Leukemia cells may be killed by chlorophyll

Pheophorbide a, a moiety of chlorophyll a, induces apoptosis in human lymphoid leukemia Molt 4B cells.

Hibasami, H. et. al. Int. J. Mol. Med. 2000. 6(3):277-9

Background:  Pheophorbide is a product that occurs when chlorophyll—the green plant pigment—breaks down.  Pheophorbide can sensitize cancer cells to light (photosensitization) and is currently being investigated as an anti-cancer agent.  In this study, the researchers looked at the ability of pheophorbide to slow the growth of a leukemia cell line (Molt 4B) and to force the cancer cells into a kind of pre-programmed cell death called apoptosis.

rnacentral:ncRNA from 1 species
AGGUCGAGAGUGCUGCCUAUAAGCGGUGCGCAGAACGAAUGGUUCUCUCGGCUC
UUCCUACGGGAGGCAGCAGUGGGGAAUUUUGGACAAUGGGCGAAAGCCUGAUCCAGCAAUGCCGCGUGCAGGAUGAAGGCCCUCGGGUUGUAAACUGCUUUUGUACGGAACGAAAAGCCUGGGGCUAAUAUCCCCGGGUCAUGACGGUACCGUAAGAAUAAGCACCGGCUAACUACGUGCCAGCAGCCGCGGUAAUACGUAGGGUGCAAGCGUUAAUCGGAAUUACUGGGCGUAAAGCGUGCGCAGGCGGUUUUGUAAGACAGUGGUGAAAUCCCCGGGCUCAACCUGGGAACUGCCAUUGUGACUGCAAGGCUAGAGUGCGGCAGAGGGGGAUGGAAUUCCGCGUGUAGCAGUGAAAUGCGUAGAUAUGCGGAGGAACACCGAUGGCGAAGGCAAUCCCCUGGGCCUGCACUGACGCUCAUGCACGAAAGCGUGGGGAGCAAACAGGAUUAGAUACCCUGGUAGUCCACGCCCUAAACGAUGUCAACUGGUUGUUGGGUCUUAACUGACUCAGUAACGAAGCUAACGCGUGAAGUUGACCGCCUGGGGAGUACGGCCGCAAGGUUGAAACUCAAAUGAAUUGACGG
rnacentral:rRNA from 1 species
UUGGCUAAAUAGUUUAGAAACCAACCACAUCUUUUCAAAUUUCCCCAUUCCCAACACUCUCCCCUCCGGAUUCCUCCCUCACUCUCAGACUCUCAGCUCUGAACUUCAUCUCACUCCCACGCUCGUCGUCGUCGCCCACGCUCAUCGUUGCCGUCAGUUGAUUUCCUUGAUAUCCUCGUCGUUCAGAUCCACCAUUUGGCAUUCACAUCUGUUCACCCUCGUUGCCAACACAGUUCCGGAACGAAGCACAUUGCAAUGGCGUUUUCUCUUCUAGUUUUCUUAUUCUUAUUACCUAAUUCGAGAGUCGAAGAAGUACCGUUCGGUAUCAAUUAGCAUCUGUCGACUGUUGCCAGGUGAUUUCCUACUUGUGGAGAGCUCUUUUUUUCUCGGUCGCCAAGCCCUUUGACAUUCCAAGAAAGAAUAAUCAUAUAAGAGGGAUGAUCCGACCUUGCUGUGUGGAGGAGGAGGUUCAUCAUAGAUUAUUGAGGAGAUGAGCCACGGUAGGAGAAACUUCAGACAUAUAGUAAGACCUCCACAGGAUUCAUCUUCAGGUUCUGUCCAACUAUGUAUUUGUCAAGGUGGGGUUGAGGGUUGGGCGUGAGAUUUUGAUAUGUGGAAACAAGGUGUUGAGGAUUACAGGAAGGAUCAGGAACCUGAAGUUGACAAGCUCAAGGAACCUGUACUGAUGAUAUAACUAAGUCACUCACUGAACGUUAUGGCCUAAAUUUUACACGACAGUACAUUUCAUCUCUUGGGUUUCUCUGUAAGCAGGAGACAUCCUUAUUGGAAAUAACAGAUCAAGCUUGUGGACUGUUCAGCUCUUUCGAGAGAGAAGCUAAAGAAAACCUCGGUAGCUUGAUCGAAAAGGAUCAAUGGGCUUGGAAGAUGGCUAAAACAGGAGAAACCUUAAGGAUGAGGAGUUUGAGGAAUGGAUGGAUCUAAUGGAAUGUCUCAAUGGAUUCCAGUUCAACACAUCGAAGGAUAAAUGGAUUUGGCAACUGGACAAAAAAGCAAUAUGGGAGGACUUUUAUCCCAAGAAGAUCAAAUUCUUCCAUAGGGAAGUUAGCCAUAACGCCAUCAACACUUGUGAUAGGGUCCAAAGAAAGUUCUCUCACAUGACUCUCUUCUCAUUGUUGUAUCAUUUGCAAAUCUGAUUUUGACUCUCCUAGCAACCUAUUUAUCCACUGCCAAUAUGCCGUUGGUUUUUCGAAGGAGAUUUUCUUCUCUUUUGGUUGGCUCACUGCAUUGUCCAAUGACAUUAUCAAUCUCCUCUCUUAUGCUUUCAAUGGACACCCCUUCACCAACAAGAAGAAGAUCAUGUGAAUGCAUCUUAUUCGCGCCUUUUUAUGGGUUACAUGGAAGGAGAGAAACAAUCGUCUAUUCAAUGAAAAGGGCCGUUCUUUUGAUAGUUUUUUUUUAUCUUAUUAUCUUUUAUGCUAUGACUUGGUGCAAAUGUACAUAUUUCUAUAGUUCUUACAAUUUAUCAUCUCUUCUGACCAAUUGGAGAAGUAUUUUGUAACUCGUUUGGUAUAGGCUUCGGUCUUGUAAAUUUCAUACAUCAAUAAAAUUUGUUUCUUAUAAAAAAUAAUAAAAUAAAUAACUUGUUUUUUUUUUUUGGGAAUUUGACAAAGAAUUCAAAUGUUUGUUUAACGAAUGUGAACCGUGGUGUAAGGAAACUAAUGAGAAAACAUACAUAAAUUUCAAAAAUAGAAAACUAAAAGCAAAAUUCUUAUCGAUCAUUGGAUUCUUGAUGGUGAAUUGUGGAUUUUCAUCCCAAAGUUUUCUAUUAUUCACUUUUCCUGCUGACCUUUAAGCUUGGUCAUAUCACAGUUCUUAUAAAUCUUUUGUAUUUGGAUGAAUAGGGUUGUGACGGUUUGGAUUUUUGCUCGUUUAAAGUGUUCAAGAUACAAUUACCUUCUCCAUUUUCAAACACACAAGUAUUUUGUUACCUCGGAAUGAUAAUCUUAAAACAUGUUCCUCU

Laboratory Studies:  These researchers looked at how pheophorbide caused the DNA in the tumor cells to break apart into smaller, un-useable pieces or fragments.

Conclusions:  The study showed that pheophorbide works to kill off cancer cells by causing the DNA in the cancer cells to break apart into smaller non-functional pieces.  The breakdown of the DNA resulted in the eventual death of the cancer cells.